ForeverMissed
Tributes
Posted by Taro Sakao on January 13, 2021
I was really shocked to hear that Richard passed away all of a suddedn.

I don't remember exactly when I met him for the first time, but it was during an occasion that some Japanese people, including myself, working on Yohkoh HXT visited Goddard around mid. 1990's. He offered me a ride in his car for lunch and we had some conversation during the drive. It is my good memory as he had already been familiar to me by that time. I had seen his name in many of the data analysis programs for Yohkoh (in particular, UTPLOT IDL program) and, of course, his famous papers on super-hot plasmas in solar flares. After then, he came to ISAS several times and we occasionally went out for lunch, this time on foot. One day when we were walking together, he warned me to walk another sidewalk running just close to and in parallel to the one I was walking along. I was walking along a trail for bicycles. He wanted to follow the trail for pedestrians no matter how the two trails look identical (and even though no one else was there). I was a bit surprised to hear this as people, I mean Japanese people, usually pay no attention to whichever trail they walk along. But since then, until now, I continue to try to walk the trail for pedestrians recalling Richard.

When I visited Goddard in 1998 for about 2 months, he kindly arranged an apartment room for me. Thanks to his arrangement, every paperwork stuff for the contract went very smoothly except that when I arrived the apartment in the afernoon, the apartment office was already closed and I was not able to receive my room key. I make a phone call to Richard and, although I don't remember what he did, I was able to get into my room after all. I was fortunate enough that he was able to come to the apartment to help me.

While I stayed in Goddard, I was in a room for SoHO data analysis (EAF; Experiment Analysis Facility) and Richard was also there close by. We had enjoyable conversations from time to time both on solar and non-solar topics. One day he told me a story of earning money by resaling something purchased at a Yaohan US store in the west coast (I think it is no longer present) - obviously this had nothing to do with solar physics, but it was fun.

Later, in 2015, I participated in a RHESSI meeting hosted by NJIT just for one day. In the morning, in the breakfast corner of the hotel I was staying, I happened to see Richard. It was a pleasant surprise as I didn't know he was there. We walked together to NJIT. I was quite fortunate again since I had no idea by then how to get to the meeting site (!).

He was always, yes always, very kind to me. It is totally unbelievable that I can no longer see him. But my pleasant memories of him will never fade away. It is no doubt that he will be remembered by the high-energy solar physics community around the world.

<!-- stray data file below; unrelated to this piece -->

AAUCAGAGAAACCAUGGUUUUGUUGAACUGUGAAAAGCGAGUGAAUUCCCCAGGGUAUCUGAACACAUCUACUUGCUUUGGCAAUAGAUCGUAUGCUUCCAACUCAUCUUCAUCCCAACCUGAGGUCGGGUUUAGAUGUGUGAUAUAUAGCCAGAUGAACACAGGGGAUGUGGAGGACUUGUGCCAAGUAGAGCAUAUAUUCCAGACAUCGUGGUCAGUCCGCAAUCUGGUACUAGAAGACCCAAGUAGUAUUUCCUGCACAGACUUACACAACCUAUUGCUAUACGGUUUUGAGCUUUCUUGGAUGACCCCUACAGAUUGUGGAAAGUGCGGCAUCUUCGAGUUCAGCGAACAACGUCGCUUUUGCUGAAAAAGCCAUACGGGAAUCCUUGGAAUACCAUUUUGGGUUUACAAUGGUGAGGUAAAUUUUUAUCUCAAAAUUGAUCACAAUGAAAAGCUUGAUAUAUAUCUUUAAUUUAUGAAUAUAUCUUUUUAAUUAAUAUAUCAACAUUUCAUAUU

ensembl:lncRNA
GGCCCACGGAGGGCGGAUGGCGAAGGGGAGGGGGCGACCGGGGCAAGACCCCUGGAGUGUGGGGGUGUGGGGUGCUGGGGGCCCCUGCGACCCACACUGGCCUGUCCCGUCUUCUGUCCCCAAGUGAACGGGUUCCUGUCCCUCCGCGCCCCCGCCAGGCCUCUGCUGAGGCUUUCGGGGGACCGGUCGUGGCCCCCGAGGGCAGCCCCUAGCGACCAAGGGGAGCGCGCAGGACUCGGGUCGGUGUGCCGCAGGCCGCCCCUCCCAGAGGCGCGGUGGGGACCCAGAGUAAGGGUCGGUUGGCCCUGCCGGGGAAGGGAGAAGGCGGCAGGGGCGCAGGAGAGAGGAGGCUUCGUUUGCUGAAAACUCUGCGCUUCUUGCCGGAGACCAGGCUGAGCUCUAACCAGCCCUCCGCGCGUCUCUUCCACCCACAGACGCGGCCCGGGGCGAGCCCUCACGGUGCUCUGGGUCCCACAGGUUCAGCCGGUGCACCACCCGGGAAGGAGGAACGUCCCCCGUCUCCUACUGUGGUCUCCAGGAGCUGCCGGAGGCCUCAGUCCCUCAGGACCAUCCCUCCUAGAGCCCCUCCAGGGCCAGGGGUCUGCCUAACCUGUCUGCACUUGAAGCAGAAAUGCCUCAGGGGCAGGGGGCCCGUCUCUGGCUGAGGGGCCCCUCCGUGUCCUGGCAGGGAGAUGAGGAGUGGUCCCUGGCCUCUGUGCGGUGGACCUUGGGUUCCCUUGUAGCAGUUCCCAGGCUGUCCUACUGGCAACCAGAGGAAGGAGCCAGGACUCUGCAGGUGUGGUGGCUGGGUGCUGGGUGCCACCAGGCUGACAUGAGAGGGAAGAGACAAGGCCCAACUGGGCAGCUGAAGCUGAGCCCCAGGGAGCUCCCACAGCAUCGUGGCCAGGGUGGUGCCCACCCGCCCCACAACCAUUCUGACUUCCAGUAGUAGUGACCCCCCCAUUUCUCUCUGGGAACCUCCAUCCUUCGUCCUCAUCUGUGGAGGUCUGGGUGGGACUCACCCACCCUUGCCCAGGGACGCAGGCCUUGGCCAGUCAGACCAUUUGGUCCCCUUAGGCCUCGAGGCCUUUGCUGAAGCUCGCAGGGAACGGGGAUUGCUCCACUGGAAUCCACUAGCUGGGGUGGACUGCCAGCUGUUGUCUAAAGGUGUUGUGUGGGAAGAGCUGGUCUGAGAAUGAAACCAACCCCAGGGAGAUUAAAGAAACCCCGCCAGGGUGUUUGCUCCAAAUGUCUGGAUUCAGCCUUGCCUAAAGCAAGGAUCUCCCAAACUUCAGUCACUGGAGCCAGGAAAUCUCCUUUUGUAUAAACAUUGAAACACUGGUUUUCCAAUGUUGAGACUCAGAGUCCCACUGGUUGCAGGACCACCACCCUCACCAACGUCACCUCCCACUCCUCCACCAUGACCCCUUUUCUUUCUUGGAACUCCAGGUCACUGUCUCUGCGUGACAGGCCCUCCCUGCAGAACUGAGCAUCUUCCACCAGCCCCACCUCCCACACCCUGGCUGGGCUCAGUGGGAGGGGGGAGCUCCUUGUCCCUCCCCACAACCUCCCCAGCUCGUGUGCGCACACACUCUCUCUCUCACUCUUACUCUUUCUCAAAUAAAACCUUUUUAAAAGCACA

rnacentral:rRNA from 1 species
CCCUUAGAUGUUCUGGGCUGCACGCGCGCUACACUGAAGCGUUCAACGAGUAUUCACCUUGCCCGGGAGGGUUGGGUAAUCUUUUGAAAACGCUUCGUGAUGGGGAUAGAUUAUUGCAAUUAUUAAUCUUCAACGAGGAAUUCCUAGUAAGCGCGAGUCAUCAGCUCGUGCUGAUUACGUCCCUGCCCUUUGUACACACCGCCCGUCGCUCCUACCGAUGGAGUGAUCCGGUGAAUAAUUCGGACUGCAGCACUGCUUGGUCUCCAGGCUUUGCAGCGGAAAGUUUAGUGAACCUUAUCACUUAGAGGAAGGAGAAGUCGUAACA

Posted by Nicole Vilmer on January 12, 2021
Richard was my "American Friend" as my children used to say. We first met when I arrived as a young PhD student at the Space Sciences Laboratory at UC Berkeley. I was sharing his office for one year and I still remember his happyness when he came back from the successful HIREGS launch in June 1981. For forty years after this first meeting, we regularly met, had dinner in the US, Europe, at my home, while working on the SMM/HXRBS data, then on the RHESSI mission and finally on STIX. Richard was more than an excellent colleague for me, he really became a friend. I got used to his character and his jokes on my French accent and habits.I am very sad that he left us so soon and unexpectedly.
Posted by Lindsay Glesener on January 11, 2021
I must have met Richard for the first time in 2008 or 2009. We have at least one thing in common - we were both graduate students of Bob Lin at the Space Science Lab at UC Berkeley. However, our PhDs were almost 30 years apart - Richard must have graduated when I was just a little kid. When assisting with organization for Bob Lin's 70th birthday party, I remember asking Richard if he was a student of Bob's. He replied that he was "Student Zero," meaning, the first! Throughout the years I learned a ton from Richard - about analyzing solar flare spectra, about software practices, and also about good food and how to find the best restaurants. I really enjoyed our friendship, and I am immensely grateful for how much I learned from him. It took me awhile to realize that often Richard would not directly answer a question I asked him. Instead, he would engage me in a conversation about the topic that went on for awhile, and when the conversation was over I would realize that I now knew the answer, and also knew a whole bunch of other stuff that I hadn't known before. I'm really sad that he's gone, and I will miss him.
Posted by James Ryan on January 11, 2021